Author Topic: cold ferment questions  (Read 279 times)

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Offline sallam

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cold ferment questions
« on: December 15, 2014, 03:46:38 AM »
Greetings

I intend to start a home business, and currently experimenting with cold fermenting the dough to be prepared ahead of delivery orders. The type of pizzas I make is thick pan-like pizza. I use 800g dough for each 16" tray. I shape in trays. I don't dust the ball with flour. I use oil instead, so the finished pizza gets a fried bottom (by the way, what do you call such style: 16"+thick+fried bottom?)

Yesterday I tried 1 ts of IDY with 1000g flour (0.3%), hand mixed and kneaded, then cut, balled and stored in covered plastic containers in the fridge. In only 12 hours it doubled in size, 3 more hours and almost trippled! So obviously I need much less yeast, right? I'm thinking of 1/4 ts for 1kg (0.075%) which is the amount I'm used to, when fermenting in room temp (it would then be ready for shaping in 5-6h).

My second question regards when to start shaping a cold-fermented ball.
What happens if you shaped a cold ball right out of the fridge? what is the difference in characteristics between waiting for the dough to warm up to room temp and not waiting, in regards to:

a- manageability during shaping (in pan tray, no tossing) (which is more easy to shape in place and less rubbery?)

b- oven rise (which rises better in the oven?)

c- baked skin size (does it shrink if cold-shaped?)
« Last Edit: December 15, 2014, 03:49:56 AM by sallam »
I'm a home baker.


Offline TXCraig1

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Re: cold ferment questions
« Reply #1 on: December 15, 2014, 09:20:44 AM »
sallam,

What temperature is your refrigerator?
Pizza is not bread.

Offline sallam

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Re: cold ferment questions
« Reply #2 on: December 18, 2014, 10:34:23 AM »
Sorry I have no tool to take fridge temp.
What about the other questions? Any tips?
I'm a home baker.

Offline vtsteve

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Re: cold ferment questions
« Reply #3 on: December 18, 2014, 10:59:27 AM »
Are you going to let it rise in the pan, after opening the dough? Most people give the dough an hour or two at room temperature before opening the ball. Sometimes it's easier to open a cool ball, though (a dough that's too sticky to open warm is more manageable). Stretch the corners a little too far, so they spring back and fill the pan evenly.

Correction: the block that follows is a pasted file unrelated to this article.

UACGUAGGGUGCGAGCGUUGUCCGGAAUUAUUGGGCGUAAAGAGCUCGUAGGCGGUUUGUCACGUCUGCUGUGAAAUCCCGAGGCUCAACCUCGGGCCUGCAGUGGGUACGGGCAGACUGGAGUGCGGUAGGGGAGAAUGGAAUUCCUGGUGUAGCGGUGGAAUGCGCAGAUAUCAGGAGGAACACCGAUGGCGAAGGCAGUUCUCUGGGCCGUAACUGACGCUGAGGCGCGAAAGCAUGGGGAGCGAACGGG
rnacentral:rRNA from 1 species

« Last Edit: December 18, 2014, 11:01:22 AM by vtsteve »

Offline sallam

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Re: cold ferment questions
« Reply #4 on: December 18, 2014, 02:12:34 PM »
Thank for the reply
You are right about over stretching.

My fridge is not big enough. Do you think I can cold ferment the bulk of dough, then cut what I need later and shape into balls?
I was thinking, since the cold dough needs 1 or 2h to warm down anyway, it could re rise again during the time?
Could the warm down time be used as a second rise at the same time, either as balls or shaped in pans?
I'm a home baker.

Offline vtsteve

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Re: cold ferment questions
« Reply #5 on: Yesterday at 02:22:46 AM »
You certainly can do a bulk cold ferment, and ball as needed. If you can get a thermometer and see what temperature your fridge is holding, it would make it easier to find a yeast percentage that works for you. You should probably mix with cold water and get it right into the fridge.

Offline sallam

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Re: cold ferment questions
« Reply #6 on: Yesterday at 03:08:40 AM »
You certainly can do a bulk cold ferment, and ball as needed.
That's great to know. Saves me a lot of trouble.
I'm a home baker.


 

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